Marijuana is legal for adult recreational use in less than half of the 50 states. Use of cannabis is approved in DC and 21 states. Fortunately, the 2018 Farm Bill means hemp is legal in all 50 states.
What’s the difference between hemp and marijuana, though? Aren’t they the same plant? While they’re both cannabis, we want to explain the big differences today. Let’s dive into our guide to clear up the confusion on hemp vs. marijuana.
Hemp VS Marijuana: Clearing up the Confusion
Even though the market is thriving for both of these plants, a fair amount of people may still be surprised to know they are two different things. Confusion can cause people to try the wrong product and be disappointed with the outcome.
Both hemp and cannabis have a long and storied history that you can find among many different cultures. Some of the oldest record surrounding these plants dates back to 12,000 years ago in East Asia.
Even though hemp and marijuana are both in the cannabis family, they became popular in the ancient world for different reasons.
Looking back in time, we can start to form a clear picture of how these two similar plants have widely other applications worldwide.
Let’s take a second to dip into the rich history to understand better what they are and what they do.
What is Hemp?
Hemp has a history as long as marijuana but with less notoriety. There is historical evidence of hemp as an industrial material dating back 10,000 years. Some examples of this are bowstrings and early forms of paper.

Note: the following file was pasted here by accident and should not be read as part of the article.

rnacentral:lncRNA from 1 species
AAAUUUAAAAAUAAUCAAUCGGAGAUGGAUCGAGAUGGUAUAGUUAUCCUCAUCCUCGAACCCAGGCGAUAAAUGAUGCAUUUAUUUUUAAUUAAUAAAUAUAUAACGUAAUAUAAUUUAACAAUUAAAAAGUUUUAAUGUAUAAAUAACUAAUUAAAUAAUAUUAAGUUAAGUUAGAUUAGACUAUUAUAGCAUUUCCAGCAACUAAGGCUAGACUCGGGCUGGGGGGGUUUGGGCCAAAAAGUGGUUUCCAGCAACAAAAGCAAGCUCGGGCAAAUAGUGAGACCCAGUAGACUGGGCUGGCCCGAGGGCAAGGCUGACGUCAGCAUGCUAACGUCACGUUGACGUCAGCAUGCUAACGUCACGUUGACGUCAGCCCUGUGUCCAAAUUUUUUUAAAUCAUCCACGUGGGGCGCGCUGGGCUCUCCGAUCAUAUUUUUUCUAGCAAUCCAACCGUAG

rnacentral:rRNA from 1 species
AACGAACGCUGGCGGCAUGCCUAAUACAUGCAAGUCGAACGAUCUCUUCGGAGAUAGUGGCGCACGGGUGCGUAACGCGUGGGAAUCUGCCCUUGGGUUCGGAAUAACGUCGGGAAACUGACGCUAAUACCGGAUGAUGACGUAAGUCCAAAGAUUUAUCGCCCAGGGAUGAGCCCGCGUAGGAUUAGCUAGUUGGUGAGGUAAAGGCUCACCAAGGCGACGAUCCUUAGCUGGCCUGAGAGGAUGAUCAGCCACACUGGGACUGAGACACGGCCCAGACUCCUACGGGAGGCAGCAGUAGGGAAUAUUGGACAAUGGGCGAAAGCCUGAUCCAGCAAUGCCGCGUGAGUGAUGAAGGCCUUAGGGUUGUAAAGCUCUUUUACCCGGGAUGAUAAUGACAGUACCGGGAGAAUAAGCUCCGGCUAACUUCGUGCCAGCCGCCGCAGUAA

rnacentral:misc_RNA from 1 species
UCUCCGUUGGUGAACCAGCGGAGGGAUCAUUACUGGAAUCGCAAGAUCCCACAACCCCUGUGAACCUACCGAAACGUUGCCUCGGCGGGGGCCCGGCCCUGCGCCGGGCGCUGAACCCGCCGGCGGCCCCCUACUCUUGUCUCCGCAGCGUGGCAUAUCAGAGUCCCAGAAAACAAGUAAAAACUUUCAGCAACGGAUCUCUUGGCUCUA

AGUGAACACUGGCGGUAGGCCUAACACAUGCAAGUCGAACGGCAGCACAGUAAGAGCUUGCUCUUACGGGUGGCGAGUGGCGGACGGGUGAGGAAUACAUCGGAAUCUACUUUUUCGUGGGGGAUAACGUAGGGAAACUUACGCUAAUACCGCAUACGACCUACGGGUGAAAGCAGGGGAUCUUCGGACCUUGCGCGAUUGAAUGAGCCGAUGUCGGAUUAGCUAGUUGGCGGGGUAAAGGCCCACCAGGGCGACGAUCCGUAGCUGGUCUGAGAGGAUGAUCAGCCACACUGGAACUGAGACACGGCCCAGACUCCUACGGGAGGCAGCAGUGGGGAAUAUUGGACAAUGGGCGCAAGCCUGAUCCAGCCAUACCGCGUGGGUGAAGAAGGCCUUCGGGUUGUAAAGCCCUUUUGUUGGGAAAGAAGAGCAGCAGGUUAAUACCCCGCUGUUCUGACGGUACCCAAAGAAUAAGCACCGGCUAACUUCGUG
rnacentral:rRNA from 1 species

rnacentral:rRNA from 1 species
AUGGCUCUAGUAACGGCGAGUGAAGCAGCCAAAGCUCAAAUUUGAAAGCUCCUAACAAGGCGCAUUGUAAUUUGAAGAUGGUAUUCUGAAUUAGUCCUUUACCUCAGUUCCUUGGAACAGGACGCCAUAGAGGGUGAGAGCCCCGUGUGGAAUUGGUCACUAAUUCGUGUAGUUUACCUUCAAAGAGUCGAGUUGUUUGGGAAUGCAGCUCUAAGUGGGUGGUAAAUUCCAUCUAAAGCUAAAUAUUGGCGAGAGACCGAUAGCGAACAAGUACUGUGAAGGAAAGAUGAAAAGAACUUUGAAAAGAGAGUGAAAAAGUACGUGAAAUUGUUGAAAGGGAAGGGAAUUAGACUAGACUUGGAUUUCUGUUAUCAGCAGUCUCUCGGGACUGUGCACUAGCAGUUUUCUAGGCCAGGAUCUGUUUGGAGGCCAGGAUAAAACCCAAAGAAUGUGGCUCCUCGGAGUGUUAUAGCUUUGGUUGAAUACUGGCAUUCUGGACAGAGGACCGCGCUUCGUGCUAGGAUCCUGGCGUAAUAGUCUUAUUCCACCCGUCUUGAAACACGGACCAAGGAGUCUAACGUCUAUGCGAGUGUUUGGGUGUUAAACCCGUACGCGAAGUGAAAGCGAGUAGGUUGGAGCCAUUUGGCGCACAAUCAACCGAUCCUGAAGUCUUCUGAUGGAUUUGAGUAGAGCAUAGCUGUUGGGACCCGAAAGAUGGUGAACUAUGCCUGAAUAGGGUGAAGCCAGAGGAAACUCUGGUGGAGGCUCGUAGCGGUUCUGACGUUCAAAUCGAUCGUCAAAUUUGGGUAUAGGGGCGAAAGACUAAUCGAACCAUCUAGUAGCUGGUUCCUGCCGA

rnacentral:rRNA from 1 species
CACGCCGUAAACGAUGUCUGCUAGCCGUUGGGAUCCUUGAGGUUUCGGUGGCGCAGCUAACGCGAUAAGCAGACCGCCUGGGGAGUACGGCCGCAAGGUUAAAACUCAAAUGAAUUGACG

Eventually, hemp was cultivated enough to become a trade item sought in multiple countries. The Silk Road facilitated this expansion and provided hemp fiber to multiple nations.
Hemp enjoyed a growing popularity spike that developed into new materials, such as clothing, that made the versatile plant extremely popular.
Hemp’s popularity peaked in the 18th century.
The timeframe marked the invention of the cotton gin, giving rise to mass-produced cotton fiber as direct competition to hemp fabric.
What is Marijuana?
Like hemp, marijuana has a rich history of cultivation and application in ancient cultures.
Since marijuana is also a branch of the cannabis family, it was cultivated not long after hemp was widely harvested.
There are records as far back as 2737 B.C. of Emperor Shen Neng of China being prescribed a form of marijuana tea to treat medical needs.
Some of these early remedies centered around treating things like rheumatism, malaria, and even gout.
It wasn’t long after that that marijuana spread across Asia, India, the Middle East, and the Coast of Africa.
Medical professionals in America even utilized marijuana during the 18th century. At the end of the 19th Century, the Pure Food and Drug Act of 1906 came into effect, causing a shift in what was considered safe practice.
Following this was the Marijuana Tax Act of 1937, which made the transfer or possession of cannabis illegal.